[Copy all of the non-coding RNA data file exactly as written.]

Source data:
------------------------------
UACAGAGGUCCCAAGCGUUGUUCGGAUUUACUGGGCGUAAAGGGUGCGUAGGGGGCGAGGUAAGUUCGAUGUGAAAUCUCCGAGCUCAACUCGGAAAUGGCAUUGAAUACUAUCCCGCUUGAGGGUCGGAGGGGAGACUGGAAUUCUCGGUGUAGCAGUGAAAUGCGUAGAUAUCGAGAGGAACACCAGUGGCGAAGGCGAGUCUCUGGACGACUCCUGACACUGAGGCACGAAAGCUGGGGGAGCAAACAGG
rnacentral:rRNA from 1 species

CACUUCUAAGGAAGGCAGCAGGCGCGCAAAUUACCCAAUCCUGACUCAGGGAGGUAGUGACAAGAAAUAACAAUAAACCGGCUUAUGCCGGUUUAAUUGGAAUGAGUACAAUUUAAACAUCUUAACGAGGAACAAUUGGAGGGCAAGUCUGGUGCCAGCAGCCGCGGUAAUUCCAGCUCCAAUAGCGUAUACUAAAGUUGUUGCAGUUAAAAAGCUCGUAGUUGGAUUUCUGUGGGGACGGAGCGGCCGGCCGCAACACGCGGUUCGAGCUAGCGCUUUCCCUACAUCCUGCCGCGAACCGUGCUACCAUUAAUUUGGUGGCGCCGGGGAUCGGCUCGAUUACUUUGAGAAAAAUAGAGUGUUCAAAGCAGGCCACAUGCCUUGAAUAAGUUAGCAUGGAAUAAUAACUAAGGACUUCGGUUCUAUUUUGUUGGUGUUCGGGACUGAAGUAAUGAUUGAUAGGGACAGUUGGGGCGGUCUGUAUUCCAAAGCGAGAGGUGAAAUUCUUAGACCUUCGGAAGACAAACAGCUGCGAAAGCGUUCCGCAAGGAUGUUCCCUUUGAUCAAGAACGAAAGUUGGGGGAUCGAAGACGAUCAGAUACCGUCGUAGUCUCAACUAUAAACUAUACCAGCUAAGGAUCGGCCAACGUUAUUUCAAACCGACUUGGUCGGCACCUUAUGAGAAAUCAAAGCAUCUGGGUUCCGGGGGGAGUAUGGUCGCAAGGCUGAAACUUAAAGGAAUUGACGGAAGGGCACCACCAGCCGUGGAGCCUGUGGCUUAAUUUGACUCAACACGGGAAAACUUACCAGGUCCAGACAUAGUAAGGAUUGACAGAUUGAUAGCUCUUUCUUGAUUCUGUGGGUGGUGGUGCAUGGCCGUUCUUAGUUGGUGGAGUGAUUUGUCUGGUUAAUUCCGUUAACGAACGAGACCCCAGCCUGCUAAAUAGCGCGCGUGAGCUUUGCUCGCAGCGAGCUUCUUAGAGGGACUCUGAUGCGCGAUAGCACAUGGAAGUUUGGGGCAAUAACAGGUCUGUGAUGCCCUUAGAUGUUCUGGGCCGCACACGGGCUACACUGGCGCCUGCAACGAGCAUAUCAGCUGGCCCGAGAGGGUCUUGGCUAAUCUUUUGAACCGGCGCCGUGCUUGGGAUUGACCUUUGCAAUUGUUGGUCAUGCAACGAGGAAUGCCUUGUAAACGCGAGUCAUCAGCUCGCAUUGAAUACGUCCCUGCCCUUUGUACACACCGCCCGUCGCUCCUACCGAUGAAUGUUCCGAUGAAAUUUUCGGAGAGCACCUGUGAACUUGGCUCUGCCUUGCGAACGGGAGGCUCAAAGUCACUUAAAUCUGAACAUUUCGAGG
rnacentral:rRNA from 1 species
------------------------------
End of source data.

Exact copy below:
UACAGAGGUCCCAAGCGUUGUUCGGAUUUACUGGGCGUAAAGGGUGCGUAGGGGGCGAGGUAAGUUCGAUGUGAAAUCUCCGAGCUCAACUCGGAAAUGGCAUUGAAUACUAUCCCGCUUGAGGGUCGGAGGGGAGACUGGAAUUCUCGGUGUAGCAGUGAAAUGCGUAGAUAUCGAGAGGAACACCAGUGGCGAAGGCGAGUCUCUGGACGACUCCUGACACUGAGGCACGAAAGCUGGGGGAGCAAACAGG
rnacentral:rRNA from 1 species

CACUUCUAAGGAAGGCAGCAGGCGCGCAAAUUACCCAAUCCUGACUCAGGGAGGUAGUGACAAGAAAUAACAAUAAACCGGCUUAUGCCGGUUUAAUUGGAAUGAGUACAAUUUAAACAUCUUAACGAGGAACAAUUGGAGGGCAAGUCUGGUGCCAGCAGCCGCGGUAAUUCCAGCUCCAAUAGCGUAUACUAAAGUUGUUGCAGUUAAAAAGCUCGUAGUUGGAUUUCUGUGGGGACGGAGCGGCCGGCCGCAACACGCGGUUCGAGCUAGCGCUUUCCCUACAUCCUGCCGCGAACCGUGCUACCAUUAAUUUGGUGGCGCCGGGGAUCGGCUCGAUUACUUUGAGAAAAAUAGAGUGUUCAAAGCAGGCCACAUGCCUUGAAUAAGUUAGCAUGGAAUAAUAACUAAGGACUUCGGUUCUAUUUUGUUGGUGUUCGGGACUGAAGUAAUGAUUGAUAGGGACAGUUGGGGCGGUCUGUAUUCCAAAGCGAGAGGUGAAAUUCUUAGACCUUCGGAAGACAAACAGCUGCGAAAGCGUUCCGCAAGGAUGUUCCCUUUGAUCAAGAACGAAAGUUGGGGGAUCGAAGACGAUCAGAUACCGUCGUAGUCUCAACUAUAAACUAUACCAGCUAAGGAUCGGCCAACGUUAUUUCAAACCGACUUGGUCGGCACCUUAUGAGAAAUCAAAGCAUCUGGGUUCCGGGGGGAGUAUGGUCGCAAGGCUGAAACUUAAAGGAAUUGACGGAAGGGCACCACCAGCCGUGGAGCCUGUGGCUUAAUUUGACUCAACACGGGAAAACUUACCAGGUCCAGACAUAGUAAGGAUUGACAGAUUGAUAGCUCUUUCUUGAUUCUGUGGGUGGUGGUGCAUGGCCGUUCUUAGUUGGUGGAGUGAUUUGUCUGGUUAAUUCCGUUAACGAACGAGACCCCAGCCUGCUAAAUAGCGCGCGUGAGCUUUGCUCGCAGCGAGCUUCUUAGAGGGACUCUGAUGCGCGAUAGCACAUGGAAGUUUGGGGCAAUAACAGGUCUGUGAUGCCCUUAGAUGUUCUGGGCCGCACACGGGCUACACUGGCGCCUGCAACGAGCAUAUCAGCUGGCCCGAGAGGGUCUUGGCUAAUCUUUUGAACCGGCGCCGUGCUUGGGAUUGACCUUUGCAAUUGUUGGUCAUGCAACGAGGAAUGCCUUGUAAACGCGAGUCAUCAGCUCGCAUUGAAUACGUCCCUGCCCUUUGUACACACCGCCCGUCGCUCCUACCGAUGAAUGUUCCGAUGAAAUUUUCGGAGAGCACCUGUGAACUUGGCUCUGCCUUGCGAACGGGAGGCUCAAAGUCACUUAAAUCUGAACAUUUCGAGG
rnacentral:rRNA from 1 species